Leeches are among the many ‘fish foods’ which freshwater fish species consume, whenever these annelids are available. Worm-like in their behavior, freshwater leeches can be found near vegetation in streams, rivers, lakes, and ponds. Simply stated, a leech fly pattern is a good searching pattern on many waters, particularly those locations unfamiliar to the fly fisher. (See below for more information as to the similarities of leeches and worms.)
The fly pattern chosen for the May Beginner’s Fly Tying session is the rabbit-strip leech. Participants at our tying session will learn techniques for applying zonker and cross cut rabbit fur strips in the construction of the rabbit-strip leech, which are applicable to other worm-like and streamer fly patterns. We’ll meet at Trinity United Methodist Church at 7:00 PM on May 17th, Room 207.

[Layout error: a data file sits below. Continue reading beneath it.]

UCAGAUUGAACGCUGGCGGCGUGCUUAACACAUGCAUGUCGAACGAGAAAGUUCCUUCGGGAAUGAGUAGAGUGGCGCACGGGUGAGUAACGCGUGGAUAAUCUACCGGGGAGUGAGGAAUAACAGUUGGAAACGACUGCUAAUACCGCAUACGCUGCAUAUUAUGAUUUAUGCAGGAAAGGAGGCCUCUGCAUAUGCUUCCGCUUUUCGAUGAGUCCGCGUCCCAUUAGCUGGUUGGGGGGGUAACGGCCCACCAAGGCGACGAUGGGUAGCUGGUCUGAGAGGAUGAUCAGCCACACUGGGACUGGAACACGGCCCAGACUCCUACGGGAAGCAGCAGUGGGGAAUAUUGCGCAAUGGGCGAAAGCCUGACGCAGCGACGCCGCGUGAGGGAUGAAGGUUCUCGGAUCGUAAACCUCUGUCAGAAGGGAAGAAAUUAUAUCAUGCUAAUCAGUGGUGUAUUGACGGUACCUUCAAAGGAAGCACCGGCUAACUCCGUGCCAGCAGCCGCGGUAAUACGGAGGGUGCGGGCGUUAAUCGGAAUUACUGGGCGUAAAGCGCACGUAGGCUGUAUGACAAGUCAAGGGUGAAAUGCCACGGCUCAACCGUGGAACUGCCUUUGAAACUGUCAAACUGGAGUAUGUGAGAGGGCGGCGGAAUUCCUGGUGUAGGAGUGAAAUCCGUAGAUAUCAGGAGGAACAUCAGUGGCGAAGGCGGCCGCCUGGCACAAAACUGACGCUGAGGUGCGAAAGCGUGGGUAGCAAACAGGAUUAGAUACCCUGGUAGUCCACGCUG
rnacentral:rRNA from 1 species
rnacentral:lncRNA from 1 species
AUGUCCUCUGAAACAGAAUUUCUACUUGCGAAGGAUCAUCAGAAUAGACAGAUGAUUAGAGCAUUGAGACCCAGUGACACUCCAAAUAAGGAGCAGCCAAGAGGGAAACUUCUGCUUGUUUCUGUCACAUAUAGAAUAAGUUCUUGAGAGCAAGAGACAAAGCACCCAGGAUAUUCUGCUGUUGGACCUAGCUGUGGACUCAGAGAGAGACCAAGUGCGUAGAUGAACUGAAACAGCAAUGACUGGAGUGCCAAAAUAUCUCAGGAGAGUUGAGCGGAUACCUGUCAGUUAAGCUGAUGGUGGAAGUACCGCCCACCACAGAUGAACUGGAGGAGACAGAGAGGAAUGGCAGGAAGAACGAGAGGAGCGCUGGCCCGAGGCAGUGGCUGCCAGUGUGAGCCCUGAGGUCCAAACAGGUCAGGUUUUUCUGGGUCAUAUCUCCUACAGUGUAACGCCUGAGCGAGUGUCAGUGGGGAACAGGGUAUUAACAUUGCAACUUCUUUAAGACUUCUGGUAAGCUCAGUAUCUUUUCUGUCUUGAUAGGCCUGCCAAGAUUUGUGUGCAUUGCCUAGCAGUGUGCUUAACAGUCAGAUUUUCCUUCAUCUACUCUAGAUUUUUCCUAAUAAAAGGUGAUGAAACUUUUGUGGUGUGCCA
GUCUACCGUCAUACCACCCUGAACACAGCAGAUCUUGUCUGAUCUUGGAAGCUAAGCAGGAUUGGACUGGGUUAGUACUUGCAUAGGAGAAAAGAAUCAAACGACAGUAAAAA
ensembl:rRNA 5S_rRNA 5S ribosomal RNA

What is a leech?
Leeches are segmented parasitic or predatory worms that comprise the subclass Hirudinea within the phylum Annelida. They are closely related to the oligochaetes, which include the earthworm, and like them have soft, muscular, segmented bodies that can lengthen and contract.
By Don Fine